• On Sept. 27, 1854, the luxury ship Arctic slams into the steamer Vesta off the coast of Newfoundland. Desperate Arctic crewmembers took lifeboats from women and children attempting to escape. When one of the ship’s high-ranking officers tried to stop them, the crew killed him. The final 70 people left on board crowded onto a makeshift raft as the Arctic sank. Only one survived.
• On Sept. 28, 1918, a Liberty Loan parade in Philadelphia prompts a huge outbreak of the flu epidemic. By the time the epidemic ended, an estimated 30 million people were dead worldwide. The most likely origin of the pandemic was a bird or farm animal in the American Midwest.
• On Sept. 29, 1930, filming begins on the classic horror film “Dracula” starring Bela Lugosi, who was identified with the role for the rest of his life. When he died in 1956, Lugosi was buried with his Dracula cape.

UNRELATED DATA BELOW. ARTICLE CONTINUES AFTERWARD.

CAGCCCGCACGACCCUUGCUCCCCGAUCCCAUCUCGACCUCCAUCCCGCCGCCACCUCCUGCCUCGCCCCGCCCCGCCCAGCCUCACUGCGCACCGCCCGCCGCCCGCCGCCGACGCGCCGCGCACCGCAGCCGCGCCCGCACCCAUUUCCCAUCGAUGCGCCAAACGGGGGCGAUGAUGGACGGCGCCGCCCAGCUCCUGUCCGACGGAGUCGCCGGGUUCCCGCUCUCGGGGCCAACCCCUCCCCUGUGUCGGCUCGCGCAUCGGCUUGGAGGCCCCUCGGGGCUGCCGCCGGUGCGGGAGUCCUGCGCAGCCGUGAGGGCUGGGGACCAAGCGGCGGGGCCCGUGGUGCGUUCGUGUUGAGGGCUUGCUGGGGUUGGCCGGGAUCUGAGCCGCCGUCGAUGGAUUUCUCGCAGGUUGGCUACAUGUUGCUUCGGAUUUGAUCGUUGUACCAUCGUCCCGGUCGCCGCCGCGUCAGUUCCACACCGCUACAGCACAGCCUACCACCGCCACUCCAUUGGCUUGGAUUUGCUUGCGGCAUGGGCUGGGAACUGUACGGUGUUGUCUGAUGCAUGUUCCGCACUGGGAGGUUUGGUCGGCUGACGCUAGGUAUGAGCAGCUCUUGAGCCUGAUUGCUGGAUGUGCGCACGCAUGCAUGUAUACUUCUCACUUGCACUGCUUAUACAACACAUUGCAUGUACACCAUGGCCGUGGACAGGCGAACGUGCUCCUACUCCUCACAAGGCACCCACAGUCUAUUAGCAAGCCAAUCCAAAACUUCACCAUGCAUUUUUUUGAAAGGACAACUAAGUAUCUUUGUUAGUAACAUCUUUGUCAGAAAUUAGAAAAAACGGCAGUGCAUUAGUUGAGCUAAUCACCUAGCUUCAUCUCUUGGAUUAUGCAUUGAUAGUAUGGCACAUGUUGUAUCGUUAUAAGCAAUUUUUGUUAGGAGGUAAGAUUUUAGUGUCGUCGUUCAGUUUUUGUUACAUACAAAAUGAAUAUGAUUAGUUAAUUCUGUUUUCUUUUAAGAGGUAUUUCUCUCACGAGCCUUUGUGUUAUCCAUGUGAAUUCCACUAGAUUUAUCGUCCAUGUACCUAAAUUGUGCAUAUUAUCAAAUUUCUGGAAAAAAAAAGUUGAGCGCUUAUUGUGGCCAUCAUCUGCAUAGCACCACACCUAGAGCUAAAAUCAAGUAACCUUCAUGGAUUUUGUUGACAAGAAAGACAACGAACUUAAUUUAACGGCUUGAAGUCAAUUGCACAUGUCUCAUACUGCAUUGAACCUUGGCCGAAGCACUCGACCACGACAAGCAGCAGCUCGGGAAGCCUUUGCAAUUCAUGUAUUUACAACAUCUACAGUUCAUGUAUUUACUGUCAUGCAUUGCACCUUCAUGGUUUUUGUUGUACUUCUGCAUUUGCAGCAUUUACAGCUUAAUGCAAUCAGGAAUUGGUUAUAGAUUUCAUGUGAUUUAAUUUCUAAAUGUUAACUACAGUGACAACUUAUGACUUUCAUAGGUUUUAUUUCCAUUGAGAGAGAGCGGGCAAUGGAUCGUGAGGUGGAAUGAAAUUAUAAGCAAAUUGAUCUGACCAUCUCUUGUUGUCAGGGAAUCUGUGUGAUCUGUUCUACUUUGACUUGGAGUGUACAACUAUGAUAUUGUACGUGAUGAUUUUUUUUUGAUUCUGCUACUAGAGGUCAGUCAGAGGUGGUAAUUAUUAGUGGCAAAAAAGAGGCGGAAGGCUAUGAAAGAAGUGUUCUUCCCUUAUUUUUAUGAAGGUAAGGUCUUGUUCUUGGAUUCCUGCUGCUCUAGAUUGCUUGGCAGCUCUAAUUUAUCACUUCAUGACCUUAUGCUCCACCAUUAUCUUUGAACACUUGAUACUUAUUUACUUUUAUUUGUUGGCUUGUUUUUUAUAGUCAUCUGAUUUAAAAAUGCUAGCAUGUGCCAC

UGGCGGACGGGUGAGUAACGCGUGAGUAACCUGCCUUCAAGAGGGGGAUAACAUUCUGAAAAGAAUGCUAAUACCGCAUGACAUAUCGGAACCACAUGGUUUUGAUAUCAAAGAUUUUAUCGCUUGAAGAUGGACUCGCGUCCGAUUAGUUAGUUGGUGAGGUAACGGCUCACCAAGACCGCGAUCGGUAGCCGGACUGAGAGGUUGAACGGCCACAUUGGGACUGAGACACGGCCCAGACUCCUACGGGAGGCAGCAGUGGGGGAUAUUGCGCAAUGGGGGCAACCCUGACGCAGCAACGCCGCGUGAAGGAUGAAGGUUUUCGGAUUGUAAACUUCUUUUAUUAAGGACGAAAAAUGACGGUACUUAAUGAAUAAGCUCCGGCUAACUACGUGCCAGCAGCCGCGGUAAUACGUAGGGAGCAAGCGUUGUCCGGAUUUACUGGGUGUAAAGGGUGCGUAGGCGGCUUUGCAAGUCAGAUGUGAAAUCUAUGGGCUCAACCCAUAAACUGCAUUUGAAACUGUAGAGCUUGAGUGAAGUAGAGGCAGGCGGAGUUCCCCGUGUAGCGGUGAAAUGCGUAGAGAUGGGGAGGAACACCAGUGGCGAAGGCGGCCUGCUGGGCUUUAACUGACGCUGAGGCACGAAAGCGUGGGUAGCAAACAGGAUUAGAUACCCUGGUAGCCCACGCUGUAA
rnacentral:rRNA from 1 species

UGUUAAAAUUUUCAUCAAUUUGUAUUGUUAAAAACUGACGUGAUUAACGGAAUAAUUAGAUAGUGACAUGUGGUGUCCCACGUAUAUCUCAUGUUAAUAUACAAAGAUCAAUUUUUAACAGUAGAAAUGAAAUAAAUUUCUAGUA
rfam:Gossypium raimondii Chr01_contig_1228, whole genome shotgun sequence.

• On Sept. 30, 1955, actor James Dean, 24, dies in a car crash. Although Dean appeared in only three movies, he made a deep impression on American audiences with his portrayal of the angry, restless young man. His three films were “Rebel Without a Cause” (1955), “East of Eden” (1955) and “Giant” (1956).
• On Sept. 26, 1960, Massachusetts Democratic Senator John F. Kennedy and Republican Vice President Richard M. Nixon face each other in the first nationally televised presidential campaign debate.
• On Sept. 25, 1981, Sandra Day O’Connor becomes the first female U.S. Supreme Court justice. After graduation from Stanford Law School in the 1950s, no law firm would hire her because she was a woman.
• On Sept. 24, 1996, best-selling author Stephen King releases two new novels at once. The first, “Desperation,” was released under King’s name, while the second, “The Regulators,” was published under his pseudonym, Richard Bachman. He wrote six novels under the name Richard Bachman.
(c) 2007 King Features Synd., Inc.